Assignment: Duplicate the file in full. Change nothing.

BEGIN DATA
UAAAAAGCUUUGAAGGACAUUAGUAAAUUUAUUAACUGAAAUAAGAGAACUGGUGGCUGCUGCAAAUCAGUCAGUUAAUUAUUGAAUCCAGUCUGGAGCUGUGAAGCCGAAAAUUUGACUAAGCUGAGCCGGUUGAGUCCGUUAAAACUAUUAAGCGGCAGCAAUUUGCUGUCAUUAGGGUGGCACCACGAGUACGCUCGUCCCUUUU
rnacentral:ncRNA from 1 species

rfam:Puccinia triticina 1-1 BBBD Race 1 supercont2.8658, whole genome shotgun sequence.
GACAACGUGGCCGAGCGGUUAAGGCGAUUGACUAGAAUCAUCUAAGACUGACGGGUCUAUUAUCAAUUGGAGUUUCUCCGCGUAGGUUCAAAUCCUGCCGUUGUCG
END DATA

UAAAAAGCUUUGAAGGACAUUAGUAAAUUUAUUAACUGAAAUAAGAGAACUGGUGGCUGCUGCAAAUCAGUCAGUUAAUUAUUGAAUCCAGUCUGGAGCUGUGAAGCCGAAAAUUUGACUAAGCUGAGCCGGUUGAGUCCGUUAAAACUAUUAAGCGGCAGCAAUUUGCUGUCAUUAGGGUGGCACCACGAGUACGCUCGUCCCUUUU
rnacentral:ncRNA from 1 species

rfam:Puccinia triticina 1-1 BBBD Race 1 supercont2.8658, whole genome shotgun sequence.
GACAACGUGGCCGAGCGGUUAAGGCGAUUGACUAGAAUCAUCUAAGACUGACGGGUCUAUUAUCAAUUGGAGUUUCUCCGCGUAGGUUCAAAUCCUGCCGUUGUCG